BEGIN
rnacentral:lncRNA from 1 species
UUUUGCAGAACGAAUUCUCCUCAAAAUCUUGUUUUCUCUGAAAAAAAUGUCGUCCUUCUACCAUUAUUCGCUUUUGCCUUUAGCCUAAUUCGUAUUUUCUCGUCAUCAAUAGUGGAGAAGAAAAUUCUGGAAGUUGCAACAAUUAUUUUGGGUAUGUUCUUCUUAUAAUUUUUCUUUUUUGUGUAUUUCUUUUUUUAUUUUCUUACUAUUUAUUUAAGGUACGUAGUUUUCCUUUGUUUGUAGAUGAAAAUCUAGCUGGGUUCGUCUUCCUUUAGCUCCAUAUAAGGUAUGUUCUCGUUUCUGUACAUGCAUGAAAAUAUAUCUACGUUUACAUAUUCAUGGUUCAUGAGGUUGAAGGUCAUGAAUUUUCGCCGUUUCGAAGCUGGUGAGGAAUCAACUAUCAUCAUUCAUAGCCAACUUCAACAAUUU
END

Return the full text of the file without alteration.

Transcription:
rnacentral:lncRNA from 1 species
UUUUGCAGAACGAAUUCUCCUCAAAAUCUUGUUUUCUCUGAAAAAAAUGUCGUCCUUCUACCAUUAUUCGCUUUUGCCUUUAGCCUAAUUCGUAUUUUCUCGUCAUCAAUAGUGGAGAAGAAAAUUCUGGAAGUUGCAACAAUUAUUUUGGGUAUGUUCUUCUUAUAAUUUUUCUUUUUUGUGUAUUUCUUUUUUUAUUUUCUUACUAUUUAUUUAAGGUACGUAGUUUUCCUUUGUUUGUAGAUGAAAAUCUAGCUGGGUUCGUCUUCCUUUAGCUCCAUAUAAGGUAUGUUCUCGUUUCUGUACAUGCAUGAAAAUAUAUCUACGUUUACAUAUUCAUGGUUCAUGAGGUUGAAGGUCAUGAAUUUUCGCCGUUUCGAAGCUGGUGAGGAAUCAACUAUCAUCAUUCAUAGCCAACUUCAACAAUUU